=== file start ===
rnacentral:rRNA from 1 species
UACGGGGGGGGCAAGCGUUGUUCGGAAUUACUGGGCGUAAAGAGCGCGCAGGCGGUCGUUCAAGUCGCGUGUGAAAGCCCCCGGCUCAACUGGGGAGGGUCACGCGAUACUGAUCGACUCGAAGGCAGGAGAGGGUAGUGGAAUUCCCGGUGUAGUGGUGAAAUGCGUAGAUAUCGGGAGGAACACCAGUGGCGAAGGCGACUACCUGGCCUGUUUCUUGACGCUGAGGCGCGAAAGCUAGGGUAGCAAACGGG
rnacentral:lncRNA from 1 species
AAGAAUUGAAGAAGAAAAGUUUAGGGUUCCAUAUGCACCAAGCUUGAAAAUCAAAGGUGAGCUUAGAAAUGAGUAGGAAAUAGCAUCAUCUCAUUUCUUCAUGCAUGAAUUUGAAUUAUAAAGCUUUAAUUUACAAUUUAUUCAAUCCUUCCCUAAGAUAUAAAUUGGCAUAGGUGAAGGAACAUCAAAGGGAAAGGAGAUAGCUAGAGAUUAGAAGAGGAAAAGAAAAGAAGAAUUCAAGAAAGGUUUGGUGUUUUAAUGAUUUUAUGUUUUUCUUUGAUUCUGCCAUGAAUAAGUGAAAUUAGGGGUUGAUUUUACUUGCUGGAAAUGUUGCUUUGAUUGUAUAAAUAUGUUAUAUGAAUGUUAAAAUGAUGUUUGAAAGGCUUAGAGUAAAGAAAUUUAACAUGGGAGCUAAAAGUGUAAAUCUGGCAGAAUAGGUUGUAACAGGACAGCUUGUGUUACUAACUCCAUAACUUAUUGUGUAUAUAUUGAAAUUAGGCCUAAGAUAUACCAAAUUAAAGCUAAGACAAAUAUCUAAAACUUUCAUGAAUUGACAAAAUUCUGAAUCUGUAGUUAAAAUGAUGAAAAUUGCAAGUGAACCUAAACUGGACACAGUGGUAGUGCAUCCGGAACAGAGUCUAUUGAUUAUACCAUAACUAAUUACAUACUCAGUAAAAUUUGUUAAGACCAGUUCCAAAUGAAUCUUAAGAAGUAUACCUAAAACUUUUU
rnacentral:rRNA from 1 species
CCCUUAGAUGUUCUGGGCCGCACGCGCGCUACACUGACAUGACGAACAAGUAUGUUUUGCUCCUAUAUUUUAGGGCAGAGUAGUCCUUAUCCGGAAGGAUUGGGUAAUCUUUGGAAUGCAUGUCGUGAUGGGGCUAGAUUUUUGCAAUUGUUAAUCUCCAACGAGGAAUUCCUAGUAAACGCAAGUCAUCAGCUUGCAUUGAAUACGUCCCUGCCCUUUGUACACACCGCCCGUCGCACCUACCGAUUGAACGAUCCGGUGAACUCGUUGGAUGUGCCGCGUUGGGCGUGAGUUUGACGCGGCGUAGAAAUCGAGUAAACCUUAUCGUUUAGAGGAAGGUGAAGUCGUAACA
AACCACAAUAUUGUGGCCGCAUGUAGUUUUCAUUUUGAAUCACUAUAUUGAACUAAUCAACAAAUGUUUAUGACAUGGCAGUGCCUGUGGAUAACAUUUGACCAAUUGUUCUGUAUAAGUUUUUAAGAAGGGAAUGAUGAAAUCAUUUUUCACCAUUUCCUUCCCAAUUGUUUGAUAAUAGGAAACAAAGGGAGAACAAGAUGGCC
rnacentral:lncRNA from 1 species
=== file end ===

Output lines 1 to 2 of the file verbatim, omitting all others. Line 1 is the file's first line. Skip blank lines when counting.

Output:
rnacentral:rRNA from 1 species
UACGGGGGGGGCAAGCGUUGUUCGGAAUUACUGGGCGUAAAGAGCGCGCAGGCGGUCGUUCAAGUCGCGUGUGAAAGCCCCCGGCUCAACUGGGGAGGGUCACGCGAUACUGAUCGACUCGAAGGCAGGAGAGGGUAGUGGAAUUCCCGGUGUAGUGGUGAAAUGCGUAGAUAUCGGGAGGAACACCAGUGGCGAAGGCGACUACCUGGCCUGUUUCUUGACGCUGAGGCGCGAAAGCUAGGGUAGCAAACGGG